6. I know that life is a little bit easier with a partner that’s your equal than on your own.

“I was too young when my parents divorced to get the concept of marriage before it was gone. My ideas about marriage, therefore, came from watching my grandparents. Their lives together seemed effortless and comfortable like a locomotive on a schedule that always made it on time. My parents’ lives seemed laborious in comparison with a never-ending track change.

“For my future, I wanted to have someone to make my life easier, someone to make my coffee without having to ask and squeeze my shoulders when they walk by. What I wanted was a marriage. What I hadn’t witnessed about successful marriages was that having an effortless and comfortable connection comes after a great deal of effort and discomfort. I imagine this is where many marriages fail. Children who come from divorced homes are often scared of the pattern repeating or accept that it will and don’t try. So, when conflict arises in our relationships, it pokes old scars of insecurity and abandonment. Many of us feel it is the beginning of the end. It takes a steady partner and a stronger faith in the institution of marriage to get through the tough moments. After 22 years with my husband, it is the effort that turns the regular stuff into amazing shared memories. We are stronger together than as individuals.” ― Kristine Laco, blogger at Mum Revised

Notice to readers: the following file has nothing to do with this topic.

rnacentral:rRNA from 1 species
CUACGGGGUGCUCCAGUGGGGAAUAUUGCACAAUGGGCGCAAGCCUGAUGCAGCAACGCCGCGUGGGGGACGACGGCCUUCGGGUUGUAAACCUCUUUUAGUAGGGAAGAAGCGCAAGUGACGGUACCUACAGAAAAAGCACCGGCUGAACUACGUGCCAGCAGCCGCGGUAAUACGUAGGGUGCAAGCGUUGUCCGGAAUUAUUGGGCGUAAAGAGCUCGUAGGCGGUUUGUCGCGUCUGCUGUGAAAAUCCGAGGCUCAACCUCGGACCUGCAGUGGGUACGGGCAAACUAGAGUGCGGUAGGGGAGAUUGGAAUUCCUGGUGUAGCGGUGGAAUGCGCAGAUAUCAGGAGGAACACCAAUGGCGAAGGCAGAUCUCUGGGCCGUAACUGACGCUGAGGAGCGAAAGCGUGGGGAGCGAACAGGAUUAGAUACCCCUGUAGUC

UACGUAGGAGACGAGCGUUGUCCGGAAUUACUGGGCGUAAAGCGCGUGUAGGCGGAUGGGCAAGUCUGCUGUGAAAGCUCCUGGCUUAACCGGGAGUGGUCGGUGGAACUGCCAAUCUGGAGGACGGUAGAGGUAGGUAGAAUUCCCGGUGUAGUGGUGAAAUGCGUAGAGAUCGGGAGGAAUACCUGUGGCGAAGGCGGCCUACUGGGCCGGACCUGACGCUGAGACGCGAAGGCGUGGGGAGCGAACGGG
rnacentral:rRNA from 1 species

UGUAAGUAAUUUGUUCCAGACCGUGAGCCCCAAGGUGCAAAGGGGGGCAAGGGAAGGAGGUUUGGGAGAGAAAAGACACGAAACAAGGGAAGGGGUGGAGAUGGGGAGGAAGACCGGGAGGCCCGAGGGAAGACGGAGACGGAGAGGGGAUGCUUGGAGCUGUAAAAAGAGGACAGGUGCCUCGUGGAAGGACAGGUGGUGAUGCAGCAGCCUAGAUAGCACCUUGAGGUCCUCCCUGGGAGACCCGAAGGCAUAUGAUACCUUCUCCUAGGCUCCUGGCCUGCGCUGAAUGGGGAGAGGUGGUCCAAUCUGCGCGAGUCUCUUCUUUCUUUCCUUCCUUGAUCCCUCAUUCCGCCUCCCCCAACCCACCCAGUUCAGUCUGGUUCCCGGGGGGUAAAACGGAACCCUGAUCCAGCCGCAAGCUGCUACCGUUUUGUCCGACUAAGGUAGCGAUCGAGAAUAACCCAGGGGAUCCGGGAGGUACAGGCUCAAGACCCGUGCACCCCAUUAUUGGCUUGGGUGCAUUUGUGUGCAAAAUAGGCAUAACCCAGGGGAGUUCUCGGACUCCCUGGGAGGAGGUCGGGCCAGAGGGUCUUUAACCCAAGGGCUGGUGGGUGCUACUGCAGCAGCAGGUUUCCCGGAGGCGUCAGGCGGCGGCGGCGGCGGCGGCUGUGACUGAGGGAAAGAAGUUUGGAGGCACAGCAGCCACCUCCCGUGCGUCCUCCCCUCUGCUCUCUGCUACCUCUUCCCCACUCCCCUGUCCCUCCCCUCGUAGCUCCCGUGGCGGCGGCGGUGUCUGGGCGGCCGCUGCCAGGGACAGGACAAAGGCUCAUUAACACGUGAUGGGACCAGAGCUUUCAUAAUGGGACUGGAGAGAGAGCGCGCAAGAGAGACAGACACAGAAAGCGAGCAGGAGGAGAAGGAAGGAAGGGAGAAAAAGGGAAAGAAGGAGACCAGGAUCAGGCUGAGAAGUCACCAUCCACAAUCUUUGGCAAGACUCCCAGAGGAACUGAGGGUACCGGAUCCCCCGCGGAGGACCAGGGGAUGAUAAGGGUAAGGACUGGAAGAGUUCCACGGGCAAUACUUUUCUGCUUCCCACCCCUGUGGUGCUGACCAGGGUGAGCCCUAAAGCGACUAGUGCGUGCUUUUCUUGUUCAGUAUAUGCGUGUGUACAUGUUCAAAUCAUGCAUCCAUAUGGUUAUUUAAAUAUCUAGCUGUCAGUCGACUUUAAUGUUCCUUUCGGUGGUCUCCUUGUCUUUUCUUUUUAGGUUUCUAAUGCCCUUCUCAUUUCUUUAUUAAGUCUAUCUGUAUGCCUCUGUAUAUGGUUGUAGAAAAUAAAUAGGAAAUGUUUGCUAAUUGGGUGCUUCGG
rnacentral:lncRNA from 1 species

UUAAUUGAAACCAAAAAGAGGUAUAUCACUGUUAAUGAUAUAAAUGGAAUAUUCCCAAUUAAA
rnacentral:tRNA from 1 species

By Brittany Wong


10 Reasons Not to Have Sex Outside of Marriage

What Does the Bible Say About Sex Outside of Marriage?

Examples of couples engaging in extra-marital sex are all around us. There’s no way to avoid it—today’s culture fills our minds with hundreds of reasons to just go ahead and have sex outside of marriage.

But as Christians, we don’t want to follow everyone else. We want to follow Christ and know what the Bible says about sex before marriage.



In the seventh of God’s Ten Commandments, he instructs us not to have sex with anyone other than our spouse.

It’s clear that God forbids sex outside of marriage. When we obey God, he is pleased. He honors our obedience by blessing us.

Deuteronomy 28:1-3
If you fully obey the LORD your God … [he] will set you high above all the nations on earth. All these blessings will come upon you and accompany you if you obey the LORD your God … (NIV)